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Water Temperature: I'm good with cold, but I am not an ice-swimmer.

Frequency/Distance: I swim an hour weekly (tri-club), with two hours additionally every 2-3 weeks, but I have yet to swim more than 200m without pushing off a wall.

Skill: I have been swimming for a few months. Through training, I have been able to manage a small constant glide at an easy pace.

Would a wet suit provide added benefit to swimming in different temperatures of water in varying distances? Is my skill level a significant factor in considering which type of wet suit I should consider? How do water-temperature, swim distance and skill influence the choice of using a wet suit for the swim-stretch in a triathlon competition?

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I asked in my club - but everyone there is quite competitive (I'm the taillight in my age group), and the answers I got all pointed at the competitive advantage of a wetsuit. –  Rafael Cichocki Mar 18 '13 at 12:46
    
+1 very well worded question with good information added –  AquaAlex Nov 7 '13 at 11:12

2 Answers 2

up vote 3 down vote accepted

Differing suits might provide a benefit, but I think that would be offset by your overall skill level.

Older swimsuits and skins increased the amount of drag on the body, which is a bad thing for competitive swimming. I noticed a big difference in drag between the speedos I wore during Masters swimming versus the light skin I wore when scuba diving. The rule then was less is more as your own skin presented less drag. << Insert obligatory "yes, I dated myself there" comment >>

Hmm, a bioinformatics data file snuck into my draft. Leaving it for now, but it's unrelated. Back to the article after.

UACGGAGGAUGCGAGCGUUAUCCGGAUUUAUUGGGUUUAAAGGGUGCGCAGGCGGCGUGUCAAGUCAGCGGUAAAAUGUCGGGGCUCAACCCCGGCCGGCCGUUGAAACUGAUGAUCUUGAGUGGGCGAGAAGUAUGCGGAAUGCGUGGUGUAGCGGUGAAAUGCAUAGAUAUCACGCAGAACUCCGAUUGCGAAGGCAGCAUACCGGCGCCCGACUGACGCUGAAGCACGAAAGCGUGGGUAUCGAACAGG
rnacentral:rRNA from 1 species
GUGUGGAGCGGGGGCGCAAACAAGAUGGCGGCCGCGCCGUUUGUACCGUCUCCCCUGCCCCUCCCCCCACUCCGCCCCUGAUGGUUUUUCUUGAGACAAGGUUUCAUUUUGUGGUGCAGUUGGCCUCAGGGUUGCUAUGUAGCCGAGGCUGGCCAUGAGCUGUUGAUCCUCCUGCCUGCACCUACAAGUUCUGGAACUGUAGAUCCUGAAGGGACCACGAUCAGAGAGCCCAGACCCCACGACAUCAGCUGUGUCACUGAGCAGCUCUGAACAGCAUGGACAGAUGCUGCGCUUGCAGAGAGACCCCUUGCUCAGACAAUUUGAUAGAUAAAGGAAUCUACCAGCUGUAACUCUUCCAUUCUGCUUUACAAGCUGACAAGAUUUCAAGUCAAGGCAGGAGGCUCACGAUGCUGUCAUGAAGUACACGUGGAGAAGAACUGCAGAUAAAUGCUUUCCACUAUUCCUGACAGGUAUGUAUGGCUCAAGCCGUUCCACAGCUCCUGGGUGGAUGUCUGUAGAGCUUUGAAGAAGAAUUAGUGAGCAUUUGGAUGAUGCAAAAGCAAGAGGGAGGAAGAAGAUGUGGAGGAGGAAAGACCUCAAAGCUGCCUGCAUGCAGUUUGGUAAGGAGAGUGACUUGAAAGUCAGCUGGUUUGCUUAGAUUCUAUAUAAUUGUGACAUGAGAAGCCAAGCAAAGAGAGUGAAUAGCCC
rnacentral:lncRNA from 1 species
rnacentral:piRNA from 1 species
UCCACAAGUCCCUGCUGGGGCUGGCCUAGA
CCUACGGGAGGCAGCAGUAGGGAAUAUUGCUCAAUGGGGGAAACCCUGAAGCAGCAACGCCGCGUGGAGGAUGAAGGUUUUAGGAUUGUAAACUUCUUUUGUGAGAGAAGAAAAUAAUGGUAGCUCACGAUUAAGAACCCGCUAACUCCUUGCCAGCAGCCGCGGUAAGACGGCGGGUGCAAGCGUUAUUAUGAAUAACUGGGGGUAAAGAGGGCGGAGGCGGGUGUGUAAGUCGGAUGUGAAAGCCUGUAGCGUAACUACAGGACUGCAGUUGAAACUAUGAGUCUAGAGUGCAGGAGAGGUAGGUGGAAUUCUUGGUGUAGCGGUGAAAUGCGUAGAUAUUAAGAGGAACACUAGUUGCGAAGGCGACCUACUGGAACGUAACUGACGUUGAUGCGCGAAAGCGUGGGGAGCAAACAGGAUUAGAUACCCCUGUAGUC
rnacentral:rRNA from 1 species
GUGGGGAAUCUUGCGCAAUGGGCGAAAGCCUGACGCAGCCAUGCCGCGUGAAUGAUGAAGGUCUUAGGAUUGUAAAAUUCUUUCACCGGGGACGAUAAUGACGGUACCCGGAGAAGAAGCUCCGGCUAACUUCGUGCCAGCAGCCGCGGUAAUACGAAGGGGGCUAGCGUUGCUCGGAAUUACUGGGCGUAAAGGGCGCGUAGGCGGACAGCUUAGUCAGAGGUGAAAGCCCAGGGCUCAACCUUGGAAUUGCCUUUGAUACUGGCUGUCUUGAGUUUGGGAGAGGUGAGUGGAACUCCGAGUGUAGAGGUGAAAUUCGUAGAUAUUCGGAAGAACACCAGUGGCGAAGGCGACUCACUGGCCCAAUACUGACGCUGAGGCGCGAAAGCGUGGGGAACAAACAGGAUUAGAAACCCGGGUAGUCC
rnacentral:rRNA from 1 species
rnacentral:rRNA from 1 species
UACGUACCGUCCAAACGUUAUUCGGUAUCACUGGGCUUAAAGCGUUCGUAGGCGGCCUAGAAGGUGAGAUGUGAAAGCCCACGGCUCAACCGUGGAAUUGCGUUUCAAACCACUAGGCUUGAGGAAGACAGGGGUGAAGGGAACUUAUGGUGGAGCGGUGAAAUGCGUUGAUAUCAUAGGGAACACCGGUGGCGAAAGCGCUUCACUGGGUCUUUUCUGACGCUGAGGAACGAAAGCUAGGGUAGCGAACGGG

Newer swimsuits / skins can present less drag than your own skin does since the material is a tighter weave. Case in point, many Olympic swimmers are now wearing full swim skins. I believe the balance now is between economics versus performance gain.

I think I would purchase suits based upon the temperature of the water you expect to be competing in. If it's a lake and you know it will be cold, having a little heavier suit will keep you warmer so you can function better. Likewise, if it will be more reasonable temperatures then I would go with a lighter suit. The focus is really upon staying warm enough that you can keep swimming.

I don't compete in triathlons, but I expect you wear the same base layer for all 3 events, so keep the other 2 events in mind when picking your swimming gear.

Finally, I would recommend just focusing on improving your overall swimming skill versus worrying about the minimal benefit that you may receive from aerodynamics. After you get to the point where you're knocking out a few miles of swimming per practice then you'll be at a point to consider differing suit types.

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The water temperature + time spent in water really makes the difference I guess. At my last triathlon there were some people who didn' wear neoprene - I really felt sorry for them, bcs, 17,5°C water is cold... –  Rafael Cichocki Jun 24 '13 at 13:53
    
+1 very good answer –  AquaAlex Nov 7 '13 at 11:12
    
@RafaelCichocki I scuba dive in 3mm shorty when the water is warmer than 16°C hahahahaha - Here in the Cape Town the water ranges from 6°C to 20°C. All fun and games :-) –  AquaAlex Nov 7 '13 at 11:13

Wet suits will make you more buoyant which for a swimmer is not a good thing.
Can also increase drag, there are better materials that give less drag or even improve ability to glide in water. And may also offer some thermal protection.

I was workign as a PM for a engineering company that developed measuring equipment that was used by Sport Science Institute, under Prof Tim Noakes, to measure various thigns when Lewis Pugh did his swims in Arctic Oceans.

And he was able to train his body to swim in almsot freezing water without a wet suit :-)

http://lewispugh.com/

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